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MIHAILENI:

Small town in the district of Dorogoi, Rumania. It was formerly called Vladeni and Tirgu-Nou, and was founded in 1792 by a number of Jews under an agreement with the proprietor of the domain. This agreement was confirmed by a decree of Prince Alexander Constantine Moruzi, dated May 30 of the same year. Besides certain personal advantages, the founders obtained the right to use gratuitously the grounds necessary for a synagogue, a bath, and a cemetery.

When the town came into the possession of Prince Michel Sturza in 1835, he made it the capital of the district of Dorogoi. Actuated by a desire to change the terms of the original agreement, he persecuted the inhabitants, especially the Jews, cruelly beating one of their leading men and imprisoning his son. Later, however, a law was enacted under which all artisans who should settle in the city were to be exempt for five years from the payment of rent for property held by emphyteusis.

The law of 1838, framed by a commission which included seven representatives of the Jewish community, provided that the large synagogue and two small ones, an oratory, and the bath should be exempt from rent. Because of such measures the Jewish population gradually increased. The number of Jewish taxpayers increased from 60 in 1803 to 129 in 1820; the census of 1831 reported 747 Jews and 72 Christians; and that of 1859 showed 2,472Jews and 1,812 Christians. The Jewish population reached its maximum in 1886, when there were 2,855 Jews as compared with 1,075 Christians. The city was, however, neglected by the authorities, and began to decline. In spite of an excess of births and the fact that many Jews expelled from neighboring villages took refuge in Mihaileni, the number of Jews continued to diminish. According to the census of 1899 there were only 2,446 Jews in Mihaileni; and this number has decreased considerably on account of emigration since 1900.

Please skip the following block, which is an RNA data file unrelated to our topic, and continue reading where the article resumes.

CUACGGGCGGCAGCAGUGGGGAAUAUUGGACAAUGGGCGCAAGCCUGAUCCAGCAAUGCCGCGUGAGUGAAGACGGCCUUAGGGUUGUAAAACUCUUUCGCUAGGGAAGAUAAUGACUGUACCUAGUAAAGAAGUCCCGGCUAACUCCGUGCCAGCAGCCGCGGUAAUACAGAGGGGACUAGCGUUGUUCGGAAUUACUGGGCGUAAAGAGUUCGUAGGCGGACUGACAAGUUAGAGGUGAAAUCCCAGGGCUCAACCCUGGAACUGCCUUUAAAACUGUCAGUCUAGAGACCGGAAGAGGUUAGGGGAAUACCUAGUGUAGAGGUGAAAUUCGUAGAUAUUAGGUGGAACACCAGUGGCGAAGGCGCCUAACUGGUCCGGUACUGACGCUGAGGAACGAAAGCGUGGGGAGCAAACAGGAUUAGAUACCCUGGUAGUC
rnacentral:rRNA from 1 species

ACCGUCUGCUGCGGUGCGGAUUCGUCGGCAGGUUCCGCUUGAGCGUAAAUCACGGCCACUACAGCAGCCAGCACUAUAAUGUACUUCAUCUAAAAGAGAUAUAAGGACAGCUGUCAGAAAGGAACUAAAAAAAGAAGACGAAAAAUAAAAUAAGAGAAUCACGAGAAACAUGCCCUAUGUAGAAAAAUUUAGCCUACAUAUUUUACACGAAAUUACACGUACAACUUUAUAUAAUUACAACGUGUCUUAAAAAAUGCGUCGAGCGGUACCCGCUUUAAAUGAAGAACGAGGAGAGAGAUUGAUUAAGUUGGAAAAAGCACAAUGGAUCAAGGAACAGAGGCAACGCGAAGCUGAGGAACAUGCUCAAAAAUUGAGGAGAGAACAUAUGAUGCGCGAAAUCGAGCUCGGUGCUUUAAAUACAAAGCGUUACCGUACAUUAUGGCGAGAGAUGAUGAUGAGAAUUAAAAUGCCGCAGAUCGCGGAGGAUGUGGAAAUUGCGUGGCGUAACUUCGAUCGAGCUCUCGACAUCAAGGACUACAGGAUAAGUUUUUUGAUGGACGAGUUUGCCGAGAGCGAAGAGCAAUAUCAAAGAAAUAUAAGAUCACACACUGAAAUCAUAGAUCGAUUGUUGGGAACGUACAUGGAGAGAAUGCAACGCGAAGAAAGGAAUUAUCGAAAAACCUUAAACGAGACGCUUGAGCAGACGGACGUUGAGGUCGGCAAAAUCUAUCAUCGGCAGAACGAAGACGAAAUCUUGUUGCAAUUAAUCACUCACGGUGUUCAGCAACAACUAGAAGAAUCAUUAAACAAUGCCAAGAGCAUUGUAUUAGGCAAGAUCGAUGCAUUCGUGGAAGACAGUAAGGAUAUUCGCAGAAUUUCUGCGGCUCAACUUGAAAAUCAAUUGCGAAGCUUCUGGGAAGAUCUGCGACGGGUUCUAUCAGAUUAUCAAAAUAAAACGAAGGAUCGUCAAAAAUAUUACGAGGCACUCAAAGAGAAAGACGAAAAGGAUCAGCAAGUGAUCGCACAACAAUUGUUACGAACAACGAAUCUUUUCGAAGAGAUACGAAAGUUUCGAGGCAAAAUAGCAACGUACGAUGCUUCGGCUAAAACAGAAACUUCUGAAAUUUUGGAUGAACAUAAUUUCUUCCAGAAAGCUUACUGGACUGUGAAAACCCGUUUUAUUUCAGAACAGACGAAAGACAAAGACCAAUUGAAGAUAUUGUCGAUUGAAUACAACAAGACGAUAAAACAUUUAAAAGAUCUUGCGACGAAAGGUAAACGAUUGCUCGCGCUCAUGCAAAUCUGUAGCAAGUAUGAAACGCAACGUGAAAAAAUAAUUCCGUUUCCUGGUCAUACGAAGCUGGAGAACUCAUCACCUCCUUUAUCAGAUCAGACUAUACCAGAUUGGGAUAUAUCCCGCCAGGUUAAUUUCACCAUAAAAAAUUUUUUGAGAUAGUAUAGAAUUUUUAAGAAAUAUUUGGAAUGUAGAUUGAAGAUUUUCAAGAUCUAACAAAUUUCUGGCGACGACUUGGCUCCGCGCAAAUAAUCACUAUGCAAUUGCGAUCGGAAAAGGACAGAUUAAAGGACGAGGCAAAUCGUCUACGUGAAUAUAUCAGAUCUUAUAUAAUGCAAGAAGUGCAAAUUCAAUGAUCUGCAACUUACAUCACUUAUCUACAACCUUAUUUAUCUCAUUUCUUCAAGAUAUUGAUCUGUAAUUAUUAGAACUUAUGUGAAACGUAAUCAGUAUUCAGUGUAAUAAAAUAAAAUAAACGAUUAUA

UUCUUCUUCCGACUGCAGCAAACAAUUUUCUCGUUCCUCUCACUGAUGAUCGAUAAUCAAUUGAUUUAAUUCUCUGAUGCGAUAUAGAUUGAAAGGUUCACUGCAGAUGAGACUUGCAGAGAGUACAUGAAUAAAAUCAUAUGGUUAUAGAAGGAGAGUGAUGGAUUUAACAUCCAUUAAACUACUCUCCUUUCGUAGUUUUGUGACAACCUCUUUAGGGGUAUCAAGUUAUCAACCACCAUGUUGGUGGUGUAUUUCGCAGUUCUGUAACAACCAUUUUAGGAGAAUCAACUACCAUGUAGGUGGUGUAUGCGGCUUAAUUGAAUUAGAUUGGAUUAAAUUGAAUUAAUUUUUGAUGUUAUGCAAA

The income of the Jewish community, which amounts to 18,000 francs annually, is derived from a tax on meat, poultry, unleavened bread, and from certain other fees, including those from the bath. The Jews support a rabbi and four shoḥeṭim. The Talmud Torah of former years has been transformed into a modern school; but ten ḥadarim have been closed. In addition to the large synagogue, built when the city was founded, there are eleven small synagogues or oratories, and the community possesses also a benevolent association and a Zionist society.

Bibliography:
  • T. Codrescu, Uricarul, viii. 152, ix. 12;
  • Buletinul Moldovei, March 16, 1839;
  • N. Filipescu-Dubau, Dictionarul Geografic al Judetului Dorohoi, p. 218;
  • Fraternitatea, 1882, p. 345;
  • Calendarul Israelit-Illustrat pe 5564, Bucharest, 1903;
  • M. Schwarzfeld, Excursiuni Critice Asupra Istoriei Evreilor, ib. 1888, pp. 16-17.
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